Building Expression Tree Using a Parameter's Indexer

c# expression expression-trees lambda linq

Question

Given a class that has a property that is a Dictionary

public class Product
{
    public Dictionary<string, string> Attributes { get { return attributes; } }

    private Dictionary<string, string> attributes = new Dictionary<string, string>();
}

I want to be able to match products in a list of products based on criteria that are retrieved from a data store that are in the format of

Brand == Tyco
Color != Blue

My current approach is to construct an expression from the filter, and then pass that expression as the parameter to a LINQ Where method call like so

products = products.Where(myConstructedExpression);

where myConstructedExpression would normally be a lamda expression that looks like

p => p.Attributes[attribute] == value

I have assembled the following code for testing purposes, but it always fails the call to lambda.Compile() regardless of what I have tried for he left expression.

Dictionary<string, ExpressionType> expressionType = new Dictionary<string, ExpressionType>();
expressionType.Add("==", ExpressionType.Equal);
expressionType.Add("!=", ExpressionType.NotEqual);

string filter = "Brand == Tyco";
string[] fields = filter.Split(' ');
string attribute = fields[0];
string op = fields[1];
string value = fields[2];

Product product = new Product();
product.Attributes.Add("Brand", "Tyco"); 

var parameter = Expression.Parameter(typeof(Product), "p");
var left = /***** THIS IS WHAT I AM FAILING TO CONSTRUCT PROPERLY ********/
var right = Expression.Constant(value);
var operation = Expression.MakeBinary(expressionType[op], left, right);
var lambda = Expression.Lambda<Func<Product, bool>>(operation, parameter);

var result = lambda.Compile()(product);

Questions

  1. Is this even a reasonable approach, and, if so,
  2. How do I construct the left expression?

Accepted Answer

So to get p => p.Attributes["Brand"] <someoperator> "Tyco", you can do this.

The "trick", to work with indexed types, is to use their Item property (you could also work with the get_item method)

var parameter = Expression.Parameter(typeof(Product), "p");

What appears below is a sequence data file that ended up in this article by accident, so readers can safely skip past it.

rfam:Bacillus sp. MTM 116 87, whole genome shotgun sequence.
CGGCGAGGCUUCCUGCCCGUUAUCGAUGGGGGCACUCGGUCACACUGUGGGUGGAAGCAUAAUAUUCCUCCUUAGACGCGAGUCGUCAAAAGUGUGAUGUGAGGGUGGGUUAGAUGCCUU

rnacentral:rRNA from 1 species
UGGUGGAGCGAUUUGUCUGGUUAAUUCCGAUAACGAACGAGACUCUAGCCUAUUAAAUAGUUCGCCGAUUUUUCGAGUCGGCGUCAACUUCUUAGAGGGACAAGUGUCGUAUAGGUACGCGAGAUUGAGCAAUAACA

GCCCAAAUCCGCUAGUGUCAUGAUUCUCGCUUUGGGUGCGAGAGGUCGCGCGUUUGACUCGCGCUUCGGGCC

Expression left = Expression.Property(parameter, "Attributes");
left = Expression.Property(left, "Item", new Expression[] { Expression.Constant(attribute) });

EDIT

the version with the IDictionary.ContainsKey(<value>) test

really step by step, but I think this makes things clearer at first.

//left part of lambda, p
var parameter = Expression.Parameter(typeof(Product), "p");
//right part
//p.Attributes
Expression left = Expression.Property(parameter, "Attributes");

var method = typeof(IDictionary<string, string>).GetMethod("ContainsKey");
//p.Attributes.ContainsKey("Brand");
Expression containsExpression = Expression.Call(left, method, Expression.Constant(attribute));
//p.Attributes.Item["Brand"]
Expression keyExpression= Expression.Property(left, "Item", new Expression[] { Expression.Constant(attribute) });
//"Tyco"
var right = Expression.Constant(value);
//{p => IIF(p.Attributes.ContainsKey("Brand"), (p.Attributes.Item["Brand"] == "Tyco"), False)}
Expression operation = Expression.Condition(
                           containsExpression,
                           Expression.MakeBinary(expressionType[op], keyExpression, right), 
                           Expression.Constant(false));
var lambda = Expression.Lambda<Func<Product, bool>>(operation, parameter);


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Licensed under: CC-BY-SA with attribution
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Is this KB legal? Yes, learn why